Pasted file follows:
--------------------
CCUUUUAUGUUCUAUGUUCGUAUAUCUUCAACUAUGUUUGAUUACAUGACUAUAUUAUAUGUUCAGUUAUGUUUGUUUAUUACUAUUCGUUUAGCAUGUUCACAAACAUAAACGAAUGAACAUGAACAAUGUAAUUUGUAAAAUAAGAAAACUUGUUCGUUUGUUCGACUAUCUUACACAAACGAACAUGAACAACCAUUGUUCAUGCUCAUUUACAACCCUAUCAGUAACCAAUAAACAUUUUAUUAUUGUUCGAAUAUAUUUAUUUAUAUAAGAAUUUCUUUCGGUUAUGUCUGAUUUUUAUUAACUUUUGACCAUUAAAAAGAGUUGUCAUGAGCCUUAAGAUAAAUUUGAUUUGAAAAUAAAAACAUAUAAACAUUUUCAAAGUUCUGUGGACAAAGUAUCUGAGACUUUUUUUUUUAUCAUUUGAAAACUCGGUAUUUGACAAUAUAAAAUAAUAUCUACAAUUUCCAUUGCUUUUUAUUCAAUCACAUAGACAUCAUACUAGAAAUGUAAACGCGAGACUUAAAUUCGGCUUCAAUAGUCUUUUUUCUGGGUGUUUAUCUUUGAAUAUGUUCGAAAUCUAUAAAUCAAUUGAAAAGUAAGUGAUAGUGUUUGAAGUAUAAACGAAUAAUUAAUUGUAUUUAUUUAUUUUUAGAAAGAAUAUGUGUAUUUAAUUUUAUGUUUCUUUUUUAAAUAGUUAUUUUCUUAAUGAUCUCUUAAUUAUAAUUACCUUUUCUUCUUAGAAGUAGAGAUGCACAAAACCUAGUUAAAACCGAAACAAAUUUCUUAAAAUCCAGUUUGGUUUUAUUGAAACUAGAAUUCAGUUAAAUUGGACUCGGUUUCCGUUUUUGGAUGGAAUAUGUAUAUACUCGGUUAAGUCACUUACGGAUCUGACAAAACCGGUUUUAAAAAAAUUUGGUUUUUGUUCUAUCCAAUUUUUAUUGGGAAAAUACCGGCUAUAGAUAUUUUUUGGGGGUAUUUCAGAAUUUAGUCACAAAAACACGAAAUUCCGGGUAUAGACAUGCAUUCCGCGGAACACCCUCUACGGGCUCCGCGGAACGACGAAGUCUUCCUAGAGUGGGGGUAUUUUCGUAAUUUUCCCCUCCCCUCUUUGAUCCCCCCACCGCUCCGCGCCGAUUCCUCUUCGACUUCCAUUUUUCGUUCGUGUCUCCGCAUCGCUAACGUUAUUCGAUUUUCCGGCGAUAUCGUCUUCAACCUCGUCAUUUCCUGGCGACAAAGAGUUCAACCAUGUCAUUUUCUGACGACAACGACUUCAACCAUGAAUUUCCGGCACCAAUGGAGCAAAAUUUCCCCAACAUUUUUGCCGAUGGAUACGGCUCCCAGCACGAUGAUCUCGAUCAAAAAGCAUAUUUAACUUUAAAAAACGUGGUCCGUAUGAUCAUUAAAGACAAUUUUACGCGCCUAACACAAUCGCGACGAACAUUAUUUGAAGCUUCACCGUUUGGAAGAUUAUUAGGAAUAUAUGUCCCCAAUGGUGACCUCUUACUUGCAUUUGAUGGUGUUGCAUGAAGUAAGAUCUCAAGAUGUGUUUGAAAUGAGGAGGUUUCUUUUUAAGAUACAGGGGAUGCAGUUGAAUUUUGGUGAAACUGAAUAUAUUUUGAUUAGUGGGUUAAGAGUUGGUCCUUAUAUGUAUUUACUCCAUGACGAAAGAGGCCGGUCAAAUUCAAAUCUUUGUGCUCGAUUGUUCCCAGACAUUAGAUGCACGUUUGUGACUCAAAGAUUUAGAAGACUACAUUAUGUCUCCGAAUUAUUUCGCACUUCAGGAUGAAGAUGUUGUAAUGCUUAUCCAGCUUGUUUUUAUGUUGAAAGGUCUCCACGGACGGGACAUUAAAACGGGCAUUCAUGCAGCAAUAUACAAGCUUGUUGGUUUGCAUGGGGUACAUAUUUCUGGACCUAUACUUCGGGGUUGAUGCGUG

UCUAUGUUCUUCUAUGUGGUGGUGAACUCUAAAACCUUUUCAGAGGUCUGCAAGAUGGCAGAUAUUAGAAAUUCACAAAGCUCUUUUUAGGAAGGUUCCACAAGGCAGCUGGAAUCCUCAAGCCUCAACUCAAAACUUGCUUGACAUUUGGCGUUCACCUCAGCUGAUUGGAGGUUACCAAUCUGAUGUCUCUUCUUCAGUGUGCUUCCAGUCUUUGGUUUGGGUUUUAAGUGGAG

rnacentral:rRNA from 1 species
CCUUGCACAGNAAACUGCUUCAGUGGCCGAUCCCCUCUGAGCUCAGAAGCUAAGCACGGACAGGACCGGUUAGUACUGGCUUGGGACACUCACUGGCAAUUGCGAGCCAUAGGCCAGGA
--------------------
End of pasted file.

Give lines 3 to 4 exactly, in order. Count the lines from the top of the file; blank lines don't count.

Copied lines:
rnacentral:rRNA from 1 species
CCUUGCACAGNAAACUGCUUCAGUGGCCGAUCCCCUCUGAGCUCAGAAGCUAAGCACGGACAGGACCGGUUAGUACUGGCUUGGGACACUCACUGGCAAUUGCGAGCCAUAGGCCAGGA